Prevalence of Oro-Facial Lesions in Human Immunodeficiency Virus Infected Women in a Nigerian Teaching Hospital

  • M Okoh
  • BD Saheeb
  • GA Agbelusi
Keywords: Oro-facial lesions, HIV, women, prevalence, Nigeria.

Abstract

Background: Orofacial lesions are among the earliest clinical manifestations of HIV infections.
Objective: This study to investigate the oral lesions seen in HIV positive women with emphasis on the need for diagnosis of oral lesions by all health workers.
Method: A prospective cross-sectional study of HIV positive women  attending the HIV/AIDS clinic (PEPFAR) of the University of Benin Teaching Hospital, Benin-city, Nigeria. The subjects were investigated for the presence of oral lesions, between the period January and March, 2011.
The study was approved by the ethics committee of the hospital and a written informed consent was obtained from each subject that participated in the study. Determination of HIV related oral lesions was carried out clinically using the criteria proposed by the ECC/WHO, 1993. P values < 0.05 were considered significant.
Results A total of 107 HIV/AIDS infected women attending the HIV/AIDS Clinic were examined. The age ranged from 18 to 50 years with mean age of 36 + 9.2 years. The age group of 21 to 30 was the most affected (n= 36, 33.6%). Sixty-one subjects (57.0%) presented with oral lesions.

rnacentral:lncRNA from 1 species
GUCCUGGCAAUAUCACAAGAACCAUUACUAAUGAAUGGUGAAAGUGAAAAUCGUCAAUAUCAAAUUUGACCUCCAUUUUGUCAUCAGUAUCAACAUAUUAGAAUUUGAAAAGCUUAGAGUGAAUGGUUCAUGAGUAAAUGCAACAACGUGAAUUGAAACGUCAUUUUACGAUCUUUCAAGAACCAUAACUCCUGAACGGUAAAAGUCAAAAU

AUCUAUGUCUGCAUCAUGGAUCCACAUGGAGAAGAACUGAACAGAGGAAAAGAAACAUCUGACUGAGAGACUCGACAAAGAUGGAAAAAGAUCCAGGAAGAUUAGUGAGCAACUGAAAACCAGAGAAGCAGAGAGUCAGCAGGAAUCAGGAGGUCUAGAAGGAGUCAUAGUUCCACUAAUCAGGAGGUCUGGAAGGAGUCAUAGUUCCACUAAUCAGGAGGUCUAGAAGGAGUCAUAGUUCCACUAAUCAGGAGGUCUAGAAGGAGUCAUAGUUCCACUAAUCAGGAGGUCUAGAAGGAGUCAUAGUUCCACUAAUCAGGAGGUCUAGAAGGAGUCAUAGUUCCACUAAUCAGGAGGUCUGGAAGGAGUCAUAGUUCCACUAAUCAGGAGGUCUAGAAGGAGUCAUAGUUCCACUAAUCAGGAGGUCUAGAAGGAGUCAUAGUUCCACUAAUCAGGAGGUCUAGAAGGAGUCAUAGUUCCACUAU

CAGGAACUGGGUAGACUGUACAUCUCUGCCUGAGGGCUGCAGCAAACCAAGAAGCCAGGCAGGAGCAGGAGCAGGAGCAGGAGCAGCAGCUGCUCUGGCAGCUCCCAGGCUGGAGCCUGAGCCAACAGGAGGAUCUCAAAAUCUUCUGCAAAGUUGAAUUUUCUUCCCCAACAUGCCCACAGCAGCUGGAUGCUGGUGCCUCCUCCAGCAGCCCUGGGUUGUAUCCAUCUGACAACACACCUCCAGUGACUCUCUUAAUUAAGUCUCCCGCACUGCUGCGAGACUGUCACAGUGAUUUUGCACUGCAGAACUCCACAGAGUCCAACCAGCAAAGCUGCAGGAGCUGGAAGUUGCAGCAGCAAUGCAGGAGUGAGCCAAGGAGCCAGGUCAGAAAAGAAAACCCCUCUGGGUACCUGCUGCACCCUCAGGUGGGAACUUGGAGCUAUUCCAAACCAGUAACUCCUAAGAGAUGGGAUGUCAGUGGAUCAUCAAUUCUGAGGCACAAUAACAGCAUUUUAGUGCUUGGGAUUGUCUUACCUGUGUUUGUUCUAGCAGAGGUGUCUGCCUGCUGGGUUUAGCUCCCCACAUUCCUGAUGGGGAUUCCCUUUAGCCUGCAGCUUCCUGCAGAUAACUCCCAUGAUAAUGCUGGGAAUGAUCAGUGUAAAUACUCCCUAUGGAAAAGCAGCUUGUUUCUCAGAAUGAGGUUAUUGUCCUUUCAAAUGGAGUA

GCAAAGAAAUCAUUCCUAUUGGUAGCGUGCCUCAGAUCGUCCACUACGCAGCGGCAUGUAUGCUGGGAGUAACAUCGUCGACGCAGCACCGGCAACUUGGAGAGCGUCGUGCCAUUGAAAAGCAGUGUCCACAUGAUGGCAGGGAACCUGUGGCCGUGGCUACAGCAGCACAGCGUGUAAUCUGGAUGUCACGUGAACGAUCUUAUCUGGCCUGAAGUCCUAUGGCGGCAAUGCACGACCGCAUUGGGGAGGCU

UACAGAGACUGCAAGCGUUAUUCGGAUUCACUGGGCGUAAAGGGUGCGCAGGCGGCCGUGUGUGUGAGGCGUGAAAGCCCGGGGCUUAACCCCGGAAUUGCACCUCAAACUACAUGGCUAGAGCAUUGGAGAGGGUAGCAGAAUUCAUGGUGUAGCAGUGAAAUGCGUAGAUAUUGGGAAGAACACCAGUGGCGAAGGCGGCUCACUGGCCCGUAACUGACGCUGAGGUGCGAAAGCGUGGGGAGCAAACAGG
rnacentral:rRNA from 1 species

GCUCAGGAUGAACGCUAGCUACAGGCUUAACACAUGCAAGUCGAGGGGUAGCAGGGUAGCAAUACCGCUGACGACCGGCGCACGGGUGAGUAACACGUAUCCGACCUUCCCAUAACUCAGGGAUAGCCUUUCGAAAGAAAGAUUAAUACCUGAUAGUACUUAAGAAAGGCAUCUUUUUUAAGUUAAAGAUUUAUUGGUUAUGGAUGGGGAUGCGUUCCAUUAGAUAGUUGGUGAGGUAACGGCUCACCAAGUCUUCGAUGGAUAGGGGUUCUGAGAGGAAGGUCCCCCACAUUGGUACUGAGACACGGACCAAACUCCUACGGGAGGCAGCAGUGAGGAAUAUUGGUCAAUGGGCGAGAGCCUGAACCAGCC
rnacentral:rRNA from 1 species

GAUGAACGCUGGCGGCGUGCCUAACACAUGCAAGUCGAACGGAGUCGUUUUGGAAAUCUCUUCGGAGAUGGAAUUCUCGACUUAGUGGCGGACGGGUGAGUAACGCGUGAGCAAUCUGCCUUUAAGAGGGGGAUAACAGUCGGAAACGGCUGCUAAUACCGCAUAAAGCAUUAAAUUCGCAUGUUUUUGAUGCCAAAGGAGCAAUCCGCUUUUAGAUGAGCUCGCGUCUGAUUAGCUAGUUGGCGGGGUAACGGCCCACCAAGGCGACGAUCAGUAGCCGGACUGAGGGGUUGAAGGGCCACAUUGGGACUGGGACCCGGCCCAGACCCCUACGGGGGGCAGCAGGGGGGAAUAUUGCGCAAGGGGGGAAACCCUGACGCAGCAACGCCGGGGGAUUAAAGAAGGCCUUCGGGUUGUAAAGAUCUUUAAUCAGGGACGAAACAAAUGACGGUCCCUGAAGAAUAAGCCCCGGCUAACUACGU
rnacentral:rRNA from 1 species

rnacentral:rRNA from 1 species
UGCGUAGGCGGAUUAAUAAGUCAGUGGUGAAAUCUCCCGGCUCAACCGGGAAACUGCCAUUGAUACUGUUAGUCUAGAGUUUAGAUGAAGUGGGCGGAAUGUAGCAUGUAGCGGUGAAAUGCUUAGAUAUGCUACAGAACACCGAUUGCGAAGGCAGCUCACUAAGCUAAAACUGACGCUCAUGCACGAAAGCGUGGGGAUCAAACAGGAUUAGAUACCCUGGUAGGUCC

The most common observed oral lesion was pseudomembranous  candidiasis (n=37, 37.8%); followed by melanotic pigmentation (n=11, 11.2%) and xerostomia (n=11, 11.2%). Group 1 oral lesions accounted for 64.3%, group 2 accounted for 30.6%, while group 3 accounted for 5.1%.
Conclusion: Oro-facial lesions are among the earliest clinical manifestations of HIV infection. These were commonly observed in HIV infected Nigerian women. Oral candidiasis the most common oral lesion observed in the series may therefore be used as a clinical indicator of early
immunodeficiency associated with HIV.

Key word: Oro-facial lesions, HIV, women, prevalence, Nigeria.
Published
2015-02-13
Section
Articles

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eISSN: 0189-2657